What is LCD LED 1

In principle, LED televisions also have LCDs, i.e. liquid crystal screens. The difference is in how these crystals are illuminated. A conventional LCD has a flat backlight made of fluorescent tubes, while an LED television uses an array of many individual light-emitting diodes that shine through the LC display. The result: a flatter design, lower power consumption and a longer service life. Conventional LCDs can therefore only be found in the cheapest televisions these days, and almost every model from 400 euros onwards uses LEDs.

However, there are also differences: The product descriptions contain terms such as "Edge-LED" or "Direct LED" or "Full LED". In the former, cheaper televisions, the LEDs are arranged on the edge of the screen and are deflected over reflective surfaces behind the display. Direct LEDs, on the other hand, have a real arrangement of light emitting diodes behind the screen. If necessary, individual image areas can also be darkened here. However, it is worth asking the seller how many such individually darkening zones the TV's backlight has - the more, the better. With this trick, corresponding devices compete with good plasma screens in terms of contrast range and black level.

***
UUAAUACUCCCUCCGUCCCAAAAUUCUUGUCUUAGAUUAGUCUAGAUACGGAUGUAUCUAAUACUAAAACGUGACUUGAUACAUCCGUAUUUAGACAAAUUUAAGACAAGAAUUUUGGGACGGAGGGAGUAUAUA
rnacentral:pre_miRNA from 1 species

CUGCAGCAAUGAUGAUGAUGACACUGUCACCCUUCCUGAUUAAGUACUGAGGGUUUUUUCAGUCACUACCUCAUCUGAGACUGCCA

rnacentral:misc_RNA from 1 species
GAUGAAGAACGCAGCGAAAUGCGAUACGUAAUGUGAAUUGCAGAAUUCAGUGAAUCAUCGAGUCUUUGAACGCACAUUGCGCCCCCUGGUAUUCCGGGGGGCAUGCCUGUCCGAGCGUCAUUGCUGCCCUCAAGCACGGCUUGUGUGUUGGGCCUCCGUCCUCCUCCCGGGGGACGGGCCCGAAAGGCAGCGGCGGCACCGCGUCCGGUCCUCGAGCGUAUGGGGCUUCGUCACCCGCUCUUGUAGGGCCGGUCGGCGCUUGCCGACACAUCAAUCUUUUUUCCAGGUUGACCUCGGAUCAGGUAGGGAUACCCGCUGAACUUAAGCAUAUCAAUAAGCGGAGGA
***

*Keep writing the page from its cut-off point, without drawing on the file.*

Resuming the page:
What are the advantages of OLED devices?

In contrast to LED screens, OLEDs are no longer LCDs. Instead, organic (this is what the "O" stands for) diodes are used, which can light up in different colors - and therefore no longer need a display in front of it, but rather display the pixels themselves. They are high-contrast, economical in power consumption, quick to react - in short: they will probably combine the advantages of both competing display technologies. However, their production is still very expensive, and manufacturers are struggling with teething problems and the short lifespan of the diodes. It will therefore be a few years before there are affordable OLED TVs the size of living room for home users.